Session 040-03, Eichmann Adolf

Q. I now come to the hearing of evidence in Trial No. 9, in
which you, Sir, sat. There you spoke about the accused
Bieberstein, Ohlendorf and Blobel. Did any of these accused
allege that Eichmann was the one who caused him to perform
the acts that he committed? Did he allege that in his
favour, against his conviction or to mitigate his

A. They were accused of actual, premeditated murder. You
mention only three – there were twenty-three. They were
charged with having killed one million unarmed human beings
– men, women and children; and their defence was directed
along the line of exculpating themselves in the best fashion
they could. Now, in that respect Ohlendorf introduced as
part of his case all the testimony that Wisliceny had given
in the I.M.T. trial, so that there was an attempt on the
part of Ohlendorf to indicate that, to a certain extent, he
was under the domination of Eichmann.

Q. Would it be correct to say that no such argument of any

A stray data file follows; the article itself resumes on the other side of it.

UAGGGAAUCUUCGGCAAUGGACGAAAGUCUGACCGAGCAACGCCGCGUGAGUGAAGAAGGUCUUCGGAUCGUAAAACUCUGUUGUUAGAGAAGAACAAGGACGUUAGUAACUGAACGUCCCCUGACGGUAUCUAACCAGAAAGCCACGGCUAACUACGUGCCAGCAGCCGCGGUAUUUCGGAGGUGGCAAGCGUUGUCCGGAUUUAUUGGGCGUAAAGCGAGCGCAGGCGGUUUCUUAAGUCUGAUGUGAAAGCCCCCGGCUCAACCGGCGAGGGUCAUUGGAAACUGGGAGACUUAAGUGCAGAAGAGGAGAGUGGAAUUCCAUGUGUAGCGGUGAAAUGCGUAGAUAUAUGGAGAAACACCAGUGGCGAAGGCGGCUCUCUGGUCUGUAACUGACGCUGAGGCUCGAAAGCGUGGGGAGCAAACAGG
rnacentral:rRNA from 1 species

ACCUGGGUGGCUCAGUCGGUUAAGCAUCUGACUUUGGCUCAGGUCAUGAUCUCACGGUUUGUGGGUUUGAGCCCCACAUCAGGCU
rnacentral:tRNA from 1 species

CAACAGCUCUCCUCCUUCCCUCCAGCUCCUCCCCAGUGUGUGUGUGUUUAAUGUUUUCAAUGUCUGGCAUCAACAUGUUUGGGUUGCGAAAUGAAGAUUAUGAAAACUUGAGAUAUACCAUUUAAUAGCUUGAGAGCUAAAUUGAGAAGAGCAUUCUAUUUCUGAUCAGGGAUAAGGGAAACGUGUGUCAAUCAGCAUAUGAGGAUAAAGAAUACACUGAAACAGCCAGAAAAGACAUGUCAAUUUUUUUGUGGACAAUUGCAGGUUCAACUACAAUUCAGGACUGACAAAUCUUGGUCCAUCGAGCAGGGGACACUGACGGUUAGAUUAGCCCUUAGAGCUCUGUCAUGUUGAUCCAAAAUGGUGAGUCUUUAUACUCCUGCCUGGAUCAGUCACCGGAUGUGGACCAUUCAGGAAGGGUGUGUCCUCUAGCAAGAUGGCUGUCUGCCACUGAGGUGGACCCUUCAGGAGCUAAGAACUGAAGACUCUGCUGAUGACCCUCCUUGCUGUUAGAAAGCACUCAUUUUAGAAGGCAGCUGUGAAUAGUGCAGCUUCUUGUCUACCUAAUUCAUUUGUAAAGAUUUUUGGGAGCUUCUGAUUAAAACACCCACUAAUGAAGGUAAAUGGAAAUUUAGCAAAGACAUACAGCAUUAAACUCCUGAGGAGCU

one of the accused was included in your judgment, and that
you yourself did not mention Eichmann in your judgment by so
much as one word?

A. That is true. I did not mention Eichmann in my judgment
because I did not see any necessity to do so. Eichmann’s
power came by speaking through Himmler and through Heydrich,
so in my judgment I referred to what Heydrich did, what
Himmler ordered, and I did not mention Eichmann in my
judgment because Eichmann was not on trial – he was not a
defendant. There was no point in…

Presiding Judge: Excuse me, Justice Musmanno, the question
also was whether you mentioned any such defence on the part
of any of the accused, that they had acted under orders from
Eichmann or under the influence of Eichmann.

Witness Musmanno: I did not.

Dr. Servatius Judge Musmanno, you said later that there had
been a possibility of being released from these
Einsatzgruppen, that a man was freely able to get out of
this duty and be transferred, let us say, to another